Looks like I am high and rambling this morning - that's what moms do when they find their children have made it safely onto the next base. Did you all know Kristi was a 'little league baseball player on an all boy team...I would sit on the sidelines and cry each time she went to bat. I was so proud. Looks like she is still knocking that ball out of the stadium...

XOXO

MOM

Cindy McDonald

Chere Kristin thank you for writing your memoir. I am deeply touched by your revelations and equally impressed by your ever improving writing skills. You are a beautiful and sensitive soul. Bonne Saint Valentin to you and Jean-Marc.

Bill in St. Paul

Write on, Kristin, we'll be here for you! Loved the picture of the dogs romping through the snow - reminds me of our dear, long-gone Theo when we'd take him up to the golf course after a deep snow and how he loved to bound through the fluffy white stuff. The picture of the laundry drying reminded me of the many times we've rented apartments or cottages that came with a washer, but no dryer, so that's what we did: aired our laundry as discretely as possible.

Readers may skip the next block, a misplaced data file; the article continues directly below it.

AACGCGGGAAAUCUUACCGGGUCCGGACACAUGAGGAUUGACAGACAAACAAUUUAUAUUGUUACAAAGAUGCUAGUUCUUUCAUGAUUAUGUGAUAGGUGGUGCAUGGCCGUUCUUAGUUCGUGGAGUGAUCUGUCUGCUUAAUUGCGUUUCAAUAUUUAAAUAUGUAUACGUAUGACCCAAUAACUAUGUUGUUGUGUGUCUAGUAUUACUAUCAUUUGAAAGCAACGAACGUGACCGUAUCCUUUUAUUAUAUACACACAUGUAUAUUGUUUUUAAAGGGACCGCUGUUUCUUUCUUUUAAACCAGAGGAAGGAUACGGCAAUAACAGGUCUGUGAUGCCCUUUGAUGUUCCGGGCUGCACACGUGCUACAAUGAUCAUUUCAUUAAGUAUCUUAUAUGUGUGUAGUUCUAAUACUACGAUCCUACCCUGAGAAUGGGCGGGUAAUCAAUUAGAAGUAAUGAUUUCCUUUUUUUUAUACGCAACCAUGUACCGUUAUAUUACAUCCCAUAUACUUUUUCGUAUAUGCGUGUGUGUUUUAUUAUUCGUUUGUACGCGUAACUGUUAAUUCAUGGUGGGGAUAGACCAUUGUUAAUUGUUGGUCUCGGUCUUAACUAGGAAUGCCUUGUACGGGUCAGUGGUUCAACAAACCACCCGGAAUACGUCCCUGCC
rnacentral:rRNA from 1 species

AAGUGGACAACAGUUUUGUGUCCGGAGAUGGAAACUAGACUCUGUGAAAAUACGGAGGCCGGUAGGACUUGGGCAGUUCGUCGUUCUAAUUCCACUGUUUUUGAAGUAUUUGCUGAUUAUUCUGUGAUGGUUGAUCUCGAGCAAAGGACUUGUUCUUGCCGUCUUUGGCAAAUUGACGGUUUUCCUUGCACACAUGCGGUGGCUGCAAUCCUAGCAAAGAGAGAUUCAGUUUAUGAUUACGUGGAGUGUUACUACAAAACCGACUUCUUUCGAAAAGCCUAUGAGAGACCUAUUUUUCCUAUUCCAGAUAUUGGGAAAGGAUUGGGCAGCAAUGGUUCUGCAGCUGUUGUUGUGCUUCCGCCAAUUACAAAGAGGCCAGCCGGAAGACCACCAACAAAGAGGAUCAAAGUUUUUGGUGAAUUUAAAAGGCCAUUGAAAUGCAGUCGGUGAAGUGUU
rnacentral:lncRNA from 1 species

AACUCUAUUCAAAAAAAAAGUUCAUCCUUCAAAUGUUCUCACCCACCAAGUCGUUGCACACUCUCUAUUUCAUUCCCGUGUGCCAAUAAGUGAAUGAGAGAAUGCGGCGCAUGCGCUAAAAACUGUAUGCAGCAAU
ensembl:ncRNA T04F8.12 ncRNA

spabbygirl

Hi Kristen, glad you found us useful, as we do you. I'm one of those people who is quite happy to talk about their inner life (all except a few things). I think its a really useful thing to do, both for us as individuals and for society. I think go for it too, you've plenty of advisors to hold you back if need be!
Giving up alcohol is an amazing achievement, especially if you live in a vineyard!
Take care, Lynne

DianeD

Oh Kristin, having met you a few years back and seeing the kind of person you are, if you write about giving up alcohol when your married to a wine maker, you have no idea how many people will benefit from this. It will give people the hope, the light at the end of the tunnel what ever you want to call it. It could only help and make all of us love you more. I still love reading your blog and for some reason always come away from it with a peaceful feeling.